- Jeremy Lin gets Madame Tussauds wax figure, which is nice, and shoves cake in mom's face, which isn't (Ball Don't Lie) August 21, 2014The San Francisco branch of renowned international wax museum Madame Tussauds unveiled its newest addition on Thursday — newly minted Los Angeles Lakers point guard Jeremy Lin, who played his high school ball about 45 minutes outside the city in Palo Alto, Calif., and began his NBA career with a brief stint on the Golden State Warriors' bench during the 2010-11 season. Let's join Lin in taking a look at Jeremy on wax, which is word to Stone Gossard : Jeremy Lin... Meet Jeremy Lin. The unveiling of his wax figure at #MadameTussauds in #SanFrancisco @Lakers pic.twitter.com/K2eMgEUIjo — Jaime Maggio (@jaimemaggio) August 21, 2014 It looks ... well, an awful lot like the Lin figure that previously appeared at the Madame Tussauds location in Beijing , with the Houston Rockets' red uniform swapped out for L.A.'s familiar purple and gold and without the ball Lin's supposed to be dunking going through the basket. (This feels like a bad omen for the offensive potency of the 2014-15 Lakers.) Lin had to meet with Madame Tussauds' artists "for detailed measurements to ensure that the final product would be a realistic likeness of the 25-year-old point guard," according to Eric Pincus of the Los Angeles Times . I bet if you ask him, though, he'll say that the figure should probably be a little more muscular; this is the offseason, after all, and everybody's putting on 15 pounds of muscle. (Shouts to Lang .) Lin joins such luminaries as Hall of Fame San Francisco 49ers quarterback Joe Montana, tennis superstar Serena Williams, boxing legend Muhammad Ali and noted golf enthusiast Tiger Woods in the ranks of sports figures on display at Madame Tussauds' Fisherman's Wharf museum , which is neat. He should savor the flavor of the celebratory unveiling, though; if the introduction of his former New York Knicks teammate Carmelo Anthony's wax figure is any indication, folks are about to start cracking on Lin's defensive shortcomings pretty darn quick. (Then again, maybe folks will direct any like-he-was-standing-still goofs toward another Lakers point guard .) As Pincus notes in his report, Lin's just two days shy of his 26th birthday, which makes the Madame Tussauds honor a decent little pre-birthday present. It also, however, means that he's two days closer to potential retribution for his recent unkindness to his mom, whose birthday celebration included an uncalled-for trip to Dessertinthefaceburgh: Hey, Jeremy Lin? Can you be cool to your mom for like a second ? Come on, dog. If you don't start shaping up, you're going to have to answer to Grandpa , and I know you don't want that. Apparently, young Mr. Lin made amends at Madame Tussauds: "Thanks to the SF Madame Tussauds Wax Museum for helping me patch things up with my mom hahah," Lin wrote in the caption to his Instagram post . "Fyi she wasnt actually upset when she got pied," he added, before wrapping up with the hashtag #itsfamilytradition. A likely story, Jeremy. We'll let it slide this time, we suppose. (Glad they put the ball in there, too.) - - - - - - - Dan Devine is an editor for Ball Don't Lie on Yahoo Sports. Have a tip? Email him at email@example.com or follow him on Twitter! Follow @YourManDevine Stay connected with Ball Don't Lie on Twitter @YahooBDL , "Like" BDL on Facebook and follow BDL's Tumblr for year-round NBA talk, jokes and more.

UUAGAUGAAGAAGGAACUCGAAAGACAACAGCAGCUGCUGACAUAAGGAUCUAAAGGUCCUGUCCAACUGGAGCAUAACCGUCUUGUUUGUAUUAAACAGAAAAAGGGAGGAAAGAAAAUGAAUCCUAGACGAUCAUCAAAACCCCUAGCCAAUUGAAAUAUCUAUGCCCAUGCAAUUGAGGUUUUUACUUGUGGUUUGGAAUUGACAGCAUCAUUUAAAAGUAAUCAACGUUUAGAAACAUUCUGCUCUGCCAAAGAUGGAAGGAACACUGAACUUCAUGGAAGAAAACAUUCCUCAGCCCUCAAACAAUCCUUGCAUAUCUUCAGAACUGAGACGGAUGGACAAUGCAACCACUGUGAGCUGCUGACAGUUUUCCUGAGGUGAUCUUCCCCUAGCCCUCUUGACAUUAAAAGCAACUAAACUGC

- LeBron James and Cavs Open vs. Knicks August 14, 2014The N.B.A. on Wednesday released its schedule, which begins on Oct. 28 with the San Antonio Spurs hosting the Dallas Mavericks in one of three games.
- From Metta World Peace to 'The Pandas Friend' August 11, 2014Metta World Peace, the American basketball player formerly known as Ron Artest, is changing his name once again as he joins the Sichuan Blue Whales.
- Knicks Trade for Kings Forwards August 7, 2014The Knicks acquired forwards Quincy Acy and Travis Outlaw from the Sacramento Kings for guard Wayne Ellington and forward Jeremy Tyler.
- Knicks Sign Cleanthony Early August 2, 2014The Knicks signed forward Cleanthony Early, their first draft pick under Phil Jackson.
- Beyond Looking Out for No. 1, Always Putting the Team First July 15, 2014There is a clear distinction between LeBron James and Carmelo Anthony in how they have balanced the art of playing a team sport with the equally tricky but more desensitized business of professional basketball.